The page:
varchar(max) in an Index

There is one more attendee question from SQLSaturday #118 that I want to follow up on, and it is this: “Is there any way to create an index with a varchar(max) column as the leading column?”

This question came up during my Statistics presentation, and was at the end as we were winding down.  My reply was, “I have no idea, I’ve never tried it.”

The attendee noted that he had tried to create the index but couldn’t – so it cannot be done – but he was looking to see if there was a creative way to work around it.  During the ensuing conversation he wondered if maybe it couldn’t be the leading column because the index would be too large, and then mentioned that he had ended up making in an included column in the index.  My question was, “Well if it’s an included column what does that do to the size of the index?”

Then I stopped and said something to the effect of, “Hang on, what is the problem you’re trying to solve?  Meaning, I’m guessing you’re trying to put a varchar(max) column in an index because you want to search on it.  Is making it an included column going to help that much?  I suppose you’ll get an index scan instead of a table scan, but is that really the right solution?”

My new favorite question to ask is, “What problem are you trying to solve?”  In this case, I assume that users need to search on the data in the varchar(max) field.  And this can be done in SQL Server a couple different ways.  My first thought was Full Text Search.  Now, configuring FTS is going to take more work than creating an index with an included column, but I would bet that performance and management long-term would be a lot easier.  You could also create a computed column on a substring of the varchar(max) column, and put that in an index.  There are many assumptions you have to handle here, most notably, is the data you want to search always in the same location within the original column?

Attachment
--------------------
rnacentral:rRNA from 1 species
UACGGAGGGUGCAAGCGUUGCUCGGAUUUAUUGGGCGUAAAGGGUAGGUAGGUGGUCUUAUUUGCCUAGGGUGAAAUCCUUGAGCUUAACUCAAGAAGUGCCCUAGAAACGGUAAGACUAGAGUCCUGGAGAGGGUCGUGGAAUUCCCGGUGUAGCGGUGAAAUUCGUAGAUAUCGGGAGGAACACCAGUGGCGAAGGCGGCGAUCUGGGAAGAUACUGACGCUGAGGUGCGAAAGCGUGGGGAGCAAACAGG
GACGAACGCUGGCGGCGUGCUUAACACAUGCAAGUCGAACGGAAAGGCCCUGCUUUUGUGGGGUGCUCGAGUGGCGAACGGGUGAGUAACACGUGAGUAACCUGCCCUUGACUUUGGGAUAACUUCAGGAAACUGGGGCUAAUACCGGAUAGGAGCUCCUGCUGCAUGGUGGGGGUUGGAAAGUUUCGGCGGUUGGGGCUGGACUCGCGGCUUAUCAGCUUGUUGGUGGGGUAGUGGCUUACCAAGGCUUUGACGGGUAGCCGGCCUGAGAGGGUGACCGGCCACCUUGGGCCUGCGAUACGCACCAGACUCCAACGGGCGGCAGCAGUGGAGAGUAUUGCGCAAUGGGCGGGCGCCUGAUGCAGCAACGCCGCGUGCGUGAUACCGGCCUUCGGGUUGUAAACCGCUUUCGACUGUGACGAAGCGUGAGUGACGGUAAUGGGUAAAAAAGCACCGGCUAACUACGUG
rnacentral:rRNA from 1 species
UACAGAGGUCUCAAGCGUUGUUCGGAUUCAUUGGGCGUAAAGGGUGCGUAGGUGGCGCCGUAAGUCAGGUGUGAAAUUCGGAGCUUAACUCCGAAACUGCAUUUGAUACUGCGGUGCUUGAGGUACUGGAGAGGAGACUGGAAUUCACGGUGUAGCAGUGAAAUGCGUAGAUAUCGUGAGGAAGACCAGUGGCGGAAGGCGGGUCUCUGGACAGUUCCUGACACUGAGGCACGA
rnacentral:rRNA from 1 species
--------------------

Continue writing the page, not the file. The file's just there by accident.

I’m sure there are other options, but the overall point is this: understand what problem you’re trying to solve, and then figure out what options you have for solving it.  Once you have your options, understand the pros and cons of each, and then make an informed decision.

Circling back to the original question, one of the first things I tried when I was waiting at the Madison airport for my flight home was to create a table with a varchar(max) column and create an index with that as a leading column.  It of course failed, and Books Online clearly states:

Columns that are of the large object (LOB) data types ntext, text, varchar(max), nvarchar(max), varbinary(max), xml, or image cannot be specified as key columns for an index.

So there you have it, two presentations at SQLSaturday in Madison, and three blog posts from questions.  SQLSaturdays always reaffirm several things for me.  First, I am truly grateful for the SQL Community – the people, the opportunities, the fun…all of it.  Second, I love presenting, although I tend to think of it as teaching and even said during one of my sessions, “If you have questions please come ask me after class.”  Apparently I was having flashbacks to grad school.  And finally, I will never know enough; there is always so much more to learn.


13 Responses to varchar(max) in an Index
  1. Aaron Bertrand
    May 2, 2012 | 9:29 am

    Full-Text Search is easier than a lot of people make it sound. The problem is that many folks are minimalist and un-check that option during SQL Server setup if they don’t think they’re going to use it.

    On the flip side, there are always little barriers to usage, for example people starting out with SQL Server Express with Advanced Services, who want to try out Full-Text Search, can’t even create an index with the UI without stumbling upon this bug I reported this morning: